“ECU’s Pharmaceutical Development Center has already quadrupled its throughput of specialized pharmaceutical chemistry training to increase the number of personnel qualified to hire at multiple pharmaceutical companies in the region,” says Allison Danell, associate professor and director of undergraduate studies in ECU’s chemistry department. “Undergraduate and graduate students are engaging in financially supported research projects in the Pharmaceutical Development Center laboratories to advance research at ECU and with industry partners. We believe these students’ engagement is being translated directly to their decisions to enter STEM-focused careers in the near future.”
ECU’s Good Manufacturing Practices for Analytical Chemists class prepares seniors and graduate students for careers in the pharmaceutical industry. “Graduates of the GMP class are highly prized by the region’s pharmaceutical companies and often have employment offers before graduation,” Pender says. “We have helped place graduates from Wilson to Wilmington. Even better, volunteers from these companies assist several weeks with coaching students on proper technique and pharmaceutical-specific documentation concepts. It is a win-win. The students get plenty of help from current practitioners. The companies get to identify strong students with an interest in pharmaceutical laboratory work and desire to work and live locally.”
ECU’s training coexists with PCC’s laboratory-based classrooms, where solid-dose manufacturing, among other things, are taught. In March, the schools received a $1.75 million grant from Rocky Mount-based Golden LEAF Foundation, which invests a portion of the state’s national tobacco settlement in economic-development projects. The money will fund more partnerships in pharmaceutical manufacturing and training such as Pender’s course.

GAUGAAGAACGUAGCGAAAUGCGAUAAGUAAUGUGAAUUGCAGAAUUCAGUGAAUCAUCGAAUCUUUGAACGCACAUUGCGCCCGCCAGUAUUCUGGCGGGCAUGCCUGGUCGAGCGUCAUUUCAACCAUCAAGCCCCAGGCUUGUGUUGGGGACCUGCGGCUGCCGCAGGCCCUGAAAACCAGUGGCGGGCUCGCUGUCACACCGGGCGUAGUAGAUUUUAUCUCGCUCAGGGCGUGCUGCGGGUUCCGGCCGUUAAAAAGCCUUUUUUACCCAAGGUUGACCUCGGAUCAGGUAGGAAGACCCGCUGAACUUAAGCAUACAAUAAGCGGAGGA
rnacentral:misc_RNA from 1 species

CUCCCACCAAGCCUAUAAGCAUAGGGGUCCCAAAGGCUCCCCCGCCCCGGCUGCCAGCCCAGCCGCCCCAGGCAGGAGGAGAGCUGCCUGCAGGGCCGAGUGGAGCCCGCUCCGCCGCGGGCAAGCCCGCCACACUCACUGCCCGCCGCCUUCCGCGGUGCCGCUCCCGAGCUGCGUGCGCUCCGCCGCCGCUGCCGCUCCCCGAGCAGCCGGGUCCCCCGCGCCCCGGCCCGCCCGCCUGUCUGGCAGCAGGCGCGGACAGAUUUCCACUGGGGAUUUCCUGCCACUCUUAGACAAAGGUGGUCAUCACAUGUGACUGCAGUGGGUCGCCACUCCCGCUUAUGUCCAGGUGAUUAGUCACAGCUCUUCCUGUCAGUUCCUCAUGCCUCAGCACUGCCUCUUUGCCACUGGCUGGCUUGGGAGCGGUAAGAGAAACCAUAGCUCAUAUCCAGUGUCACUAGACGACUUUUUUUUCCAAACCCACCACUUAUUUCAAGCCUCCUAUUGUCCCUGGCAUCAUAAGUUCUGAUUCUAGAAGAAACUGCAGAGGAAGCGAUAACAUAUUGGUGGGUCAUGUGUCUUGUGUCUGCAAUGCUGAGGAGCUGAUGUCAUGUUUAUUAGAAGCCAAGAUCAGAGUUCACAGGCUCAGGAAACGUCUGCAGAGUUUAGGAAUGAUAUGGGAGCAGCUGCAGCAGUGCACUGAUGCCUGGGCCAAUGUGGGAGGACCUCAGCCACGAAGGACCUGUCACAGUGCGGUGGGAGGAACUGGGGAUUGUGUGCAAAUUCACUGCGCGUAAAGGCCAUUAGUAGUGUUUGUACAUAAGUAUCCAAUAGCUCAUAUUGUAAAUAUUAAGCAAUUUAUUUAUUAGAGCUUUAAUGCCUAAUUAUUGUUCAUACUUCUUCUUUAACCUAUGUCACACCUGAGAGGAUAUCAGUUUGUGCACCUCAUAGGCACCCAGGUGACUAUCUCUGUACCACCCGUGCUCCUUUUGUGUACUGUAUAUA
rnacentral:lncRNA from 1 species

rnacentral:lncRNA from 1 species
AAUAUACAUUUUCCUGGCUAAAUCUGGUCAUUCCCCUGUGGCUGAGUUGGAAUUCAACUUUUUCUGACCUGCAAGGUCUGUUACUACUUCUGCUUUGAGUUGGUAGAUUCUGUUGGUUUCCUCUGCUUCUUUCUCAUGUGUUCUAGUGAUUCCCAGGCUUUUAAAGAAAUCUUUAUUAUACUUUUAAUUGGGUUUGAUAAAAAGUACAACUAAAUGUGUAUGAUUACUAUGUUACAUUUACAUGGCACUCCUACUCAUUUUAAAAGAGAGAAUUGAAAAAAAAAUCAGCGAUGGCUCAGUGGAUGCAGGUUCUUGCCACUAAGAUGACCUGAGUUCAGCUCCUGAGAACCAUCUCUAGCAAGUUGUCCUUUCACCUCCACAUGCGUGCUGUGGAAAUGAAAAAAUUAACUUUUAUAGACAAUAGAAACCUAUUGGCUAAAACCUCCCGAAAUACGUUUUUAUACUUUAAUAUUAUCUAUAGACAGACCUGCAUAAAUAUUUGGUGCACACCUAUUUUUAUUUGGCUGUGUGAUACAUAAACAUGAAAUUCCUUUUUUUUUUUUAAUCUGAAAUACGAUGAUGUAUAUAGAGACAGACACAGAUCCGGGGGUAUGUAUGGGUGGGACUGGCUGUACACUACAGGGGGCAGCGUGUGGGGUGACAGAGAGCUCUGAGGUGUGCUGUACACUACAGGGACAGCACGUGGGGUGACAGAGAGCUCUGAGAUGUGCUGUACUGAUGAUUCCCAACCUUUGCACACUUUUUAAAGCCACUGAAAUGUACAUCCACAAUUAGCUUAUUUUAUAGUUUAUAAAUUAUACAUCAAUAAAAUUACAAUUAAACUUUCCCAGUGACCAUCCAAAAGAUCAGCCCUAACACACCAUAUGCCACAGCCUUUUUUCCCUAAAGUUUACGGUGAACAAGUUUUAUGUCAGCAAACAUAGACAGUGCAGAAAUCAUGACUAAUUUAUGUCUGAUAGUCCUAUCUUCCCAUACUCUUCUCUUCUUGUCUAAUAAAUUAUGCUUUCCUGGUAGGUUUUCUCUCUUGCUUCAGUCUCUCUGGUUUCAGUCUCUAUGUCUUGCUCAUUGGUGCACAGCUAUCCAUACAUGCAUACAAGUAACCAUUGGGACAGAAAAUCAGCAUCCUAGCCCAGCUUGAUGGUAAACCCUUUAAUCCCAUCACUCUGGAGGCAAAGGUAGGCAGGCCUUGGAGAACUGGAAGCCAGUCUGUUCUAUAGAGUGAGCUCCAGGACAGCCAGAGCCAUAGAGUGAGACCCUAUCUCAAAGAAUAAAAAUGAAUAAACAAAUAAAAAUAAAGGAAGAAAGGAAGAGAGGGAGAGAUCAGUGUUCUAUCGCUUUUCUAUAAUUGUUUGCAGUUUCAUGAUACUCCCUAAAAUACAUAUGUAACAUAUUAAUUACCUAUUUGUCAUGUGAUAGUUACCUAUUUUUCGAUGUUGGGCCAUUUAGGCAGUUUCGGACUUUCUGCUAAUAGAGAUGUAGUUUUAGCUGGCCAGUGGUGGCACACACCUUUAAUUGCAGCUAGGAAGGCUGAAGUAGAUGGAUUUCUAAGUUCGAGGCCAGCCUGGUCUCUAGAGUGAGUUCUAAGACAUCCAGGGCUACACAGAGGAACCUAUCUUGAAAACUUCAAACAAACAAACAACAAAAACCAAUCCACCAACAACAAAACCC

Thomas Gould, PCC’s vice president of academic affairs, says the two schools complement each other. “We share our resources. We share our expertise, and we realize that what Pitt is doing and what ECU is doing is leading to the same end, which is to create a talented workforce attractive to business and industry. So what you’re looking at is Pitt and ECU really are training the entire spectrum. Our goal is to create a workforce pipeline so these companies not only will expand but attract other pharmaceutical companies to move to Pitt County.”
PCC dedicated its Walter and Marie Williams Building in August. The 78,000-square-foot building’s six general biology labs, microbiology lab and other labs and classrooms support its STEM — science, technology, engineering and math — programs. A $19.9 million bond approved by voters in 2013 provided funding.
ECU has undergone a rebranding since Cecil Staton was named its chancellor in July 2016. The university is focused on national and global recognition of its students’ success, public service and transformation of rural regions. With the slogan “Capture your horizon,” it offers students the choice of 85 bachelor’s degrees, 72 master’s degrees and 19 doctoral degrees. “The change allows us to broaden our reach,” says Tom Eppes, the university’s chief communications officer. “ECU has grown to almost 30,000 students from across North Carolina and from across the United States. What was once a university focused only on eastern North Carolina continues to serve the region but now serves a much larger geography and is involved in research that has national or global implications, not just regional solutions.”